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Because I Am Ready For My Close-Up, Mr. DeMille

By Amalah

Don’t forget, we’re spreading out the questiony goodness this week, so each question will be its very! own! entry! Yesterday’s question can be found here, while tomorrow’s question only exists IN THE FUTURE, like, whoa, man. WHOA.
Dear Amalah,
First of all, the baby of yours is divine.
Second, I have a problem. Either my head is too oddly shaped, or my hair will not hold a head scarf. Am I not intended to wear a beautiful head accessory? I have all these beautiful silk scarves, and not ONE of them will stay on my head for more than five minutes (you know, unless it’s tied SO tight that I look as though I have no hair what-so-ever, and really that’s not a good look for me). Even WITH hair pins the dammed scarves won’t stay on. My hair is straight, thick, and slick. I don’t generally wear any product in my hair, as it just ends up in a pony tail. However, I am really, really, really wanting to wear a scarf. It will allow me to show off my mane, and also keep it the heck out of my face ( i.e. the ponytail). Plus, I look really cute with a head scarf on. Even if it is just for five minutes. Do I need to add some texture to my hair before I tie it up? So I guess my question is this; How do you properly tie a headscarf and am I missing a key point in head preparation before putting it on? In any style. Headband stylie? Bandana-like? African queen? And so on.
Scarf Lover

Going on my own limited scarf experience, I don’t have any magic tips for keeping scarves on your head. Mostly because I am completely unable to keep scarves on my head.
The last time I really tried was a few years ago when those little crocheted kerchief things came back into style. I bought a couple and oh man, they were adorable. For the whole five minutes I was able to keep them on before they slid right off my straight and apparently uber-slippery hair. Sigh.
And you know, I still kept them. I still have them. Along with an absolutely gorgeous silk scarf from Coach that someone gave me as a gift. It’s meant to be word headband- or gypsy-style and knotted at the back of your head. And I have never worn it outside the house ONCE because it just doesn’t stay on, period.
I did some Googling and pretty much came up empty, although I admit I gave up early after slogging through so many religious-garb-type sites to find one seemingly regular headscarf fashion site, only to realize it was actually some kind of…um…erotic scarf-tying light bondage site and people, I CAN ONLY BEAR SO MUCH.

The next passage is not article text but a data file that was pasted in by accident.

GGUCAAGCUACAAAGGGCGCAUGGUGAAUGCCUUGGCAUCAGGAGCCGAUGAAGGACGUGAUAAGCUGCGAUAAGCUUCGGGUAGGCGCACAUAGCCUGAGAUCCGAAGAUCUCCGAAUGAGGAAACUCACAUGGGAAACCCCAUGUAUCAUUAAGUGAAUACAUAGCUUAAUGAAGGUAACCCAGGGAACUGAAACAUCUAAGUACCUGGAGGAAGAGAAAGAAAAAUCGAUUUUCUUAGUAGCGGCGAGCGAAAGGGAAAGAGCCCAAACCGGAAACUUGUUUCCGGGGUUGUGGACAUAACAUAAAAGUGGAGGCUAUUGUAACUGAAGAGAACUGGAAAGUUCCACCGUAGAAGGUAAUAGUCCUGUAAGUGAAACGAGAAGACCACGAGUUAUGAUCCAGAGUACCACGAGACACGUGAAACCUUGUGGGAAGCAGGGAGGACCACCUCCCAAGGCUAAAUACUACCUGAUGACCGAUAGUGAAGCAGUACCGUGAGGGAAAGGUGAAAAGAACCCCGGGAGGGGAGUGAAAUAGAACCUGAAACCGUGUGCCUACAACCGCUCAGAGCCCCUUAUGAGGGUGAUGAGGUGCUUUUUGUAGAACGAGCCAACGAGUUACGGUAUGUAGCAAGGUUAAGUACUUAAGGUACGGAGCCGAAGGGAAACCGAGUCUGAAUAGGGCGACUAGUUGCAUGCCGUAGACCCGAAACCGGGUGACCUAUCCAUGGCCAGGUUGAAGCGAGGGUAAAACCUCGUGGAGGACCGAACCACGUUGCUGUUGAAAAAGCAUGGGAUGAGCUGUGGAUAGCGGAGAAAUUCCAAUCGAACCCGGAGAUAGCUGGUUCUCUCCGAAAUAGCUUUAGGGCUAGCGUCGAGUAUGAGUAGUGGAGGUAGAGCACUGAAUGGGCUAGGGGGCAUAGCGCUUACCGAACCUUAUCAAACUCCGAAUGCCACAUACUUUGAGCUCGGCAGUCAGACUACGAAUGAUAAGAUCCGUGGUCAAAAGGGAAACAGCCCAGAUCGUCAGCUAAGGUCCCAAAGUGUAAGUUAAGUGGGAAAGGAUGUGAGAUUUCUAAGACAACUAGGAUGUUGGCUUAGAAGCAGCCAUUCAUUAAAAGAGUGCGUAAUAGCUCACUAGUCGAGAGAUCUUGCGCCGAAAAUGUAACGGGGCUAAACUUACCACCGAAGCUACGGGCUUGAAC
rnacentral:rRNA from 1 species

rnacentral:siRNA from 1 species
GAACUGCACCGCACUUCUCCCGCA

So then I asked Amy, of the AlphaFoxyMama Squad, who was the only volunteer who mentioned anything about hat-and-scarf knowledge, furthering my suspicion that headscarf-tying is quickly becoming a lost art. Or something only the curly-haired girls seem to be able to do. Or maybe evolution has changed the shape of the human head since the days of Grace Kelly and we’re all a bunch of weirdo-skulled mutants.
Anyway, here’s what Amy had to say:
I’ve never really encountered this problem, as I tend to only wear scarves on my head when I’m doing housework or riding on the motorcycle (to help prevent helmet hair). Hope this helps.
I generally tie my scarfs on extremely tight, as they will loosen up during the day. Usually I do find myself readjusting the scarf fairly often during the day, so I think this is just part and parcel of wearing a scarf on your head as opposed to wearing it around your neck.
Another problem may be the material. A really slippery scarf will not stay on your head (Like a silk scarf from Coach? Wah! — Amalah). I usually grab a more crepe-like material (if that’s the right term)–something with more a little more grab. Wearing a scarf over slightly dirty hair may help as well.

Readers? Commenters? Are we missing something? Some special kind of styling product or hairpin? Staples? Paste?

About the Author

Amy Corbett Storch


Amalah is a pseudonym of Amy Corbett Storch. She is the author of the Advice Smackdown and Bounce Back. You can follow Amy’s daily mothering adventures at Ama...

Amalah is a pseudonym of Amy Corbett Storch. She is the author of the Advice Smackdown and Bounce Back. You can follow Amy’s daily mothering adventures at Amalah. Also, it’s pronounced AIM-ah-lah.

If there is a question you would like answered on the Advice Smackdown, please submit it to [email protected].

Amy also documented her second pregnancy (with Ezra) in our wildly popular Weekly Pregnancy Calendar, Zero to Forty.

Amy is mother to rising first-grader Noah, preschooler Ezra, and toddler Ike.

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  • cary

    October 12, 2006 at 10:45 am

    Craziness I say. Last week while I was fighting the head scarf battle, I was pondering on tossing this same question your way.
    I have curly hair which doesn’t do any better with scarf traction. The only solution I could even think of (which I haevn’t tried yet) is to attatch the scarf to a small plastic headband. That may be an experiment I need to try this weekend, unless someone else has a better idea.

  • labellenina

    October 12, 2006 at 11:00 am

    I wrap my scarves around a headband and it works great. It also keeps the headbands from pinching behind your ears. I,too,have thick,long hair and I always thought that perhaps my head was just too flat in the back (!) to wear scarves. Just wrap it around and doubleknot in the back. Mine stays all day. A friend of mine pins her hair back first and then ties on the scarf, but my hair is way too thick and heavy for that, and your’s probably is too.

  • mom2werogers

    October 12, 2006 at 11:27 am

    I have a lot of fine straight – really slick hair as well. The trick that’s worked for me, is to use three steps:
    1 – put your hair in a low ponytail while putting the scarf on.
    2 – tie the scarf so tight that you may see stars.
    3 – keep the scarf more close to your forehead than you think. It’ll work it’s way back to the right place in no time. Right before it falls out.
    I agree that having to re-adjust the scarf during the day does seem part and parcel.
    Happy scarfing!

  • April

    October 12, 2006 at 11:38 am

    OK, this is the weirdest thing ever and I haven’t tried it, but do you think maybe if you cut a tiny strip of that foamy crap that keeps rugs in place on a hardwood floor and then put it between the hair and the scarf – that might work? I have no idea! But I just kept thinking of rug on hardwood when I read this!

  • leahkay

    October 12, 2006 at 12:43 pm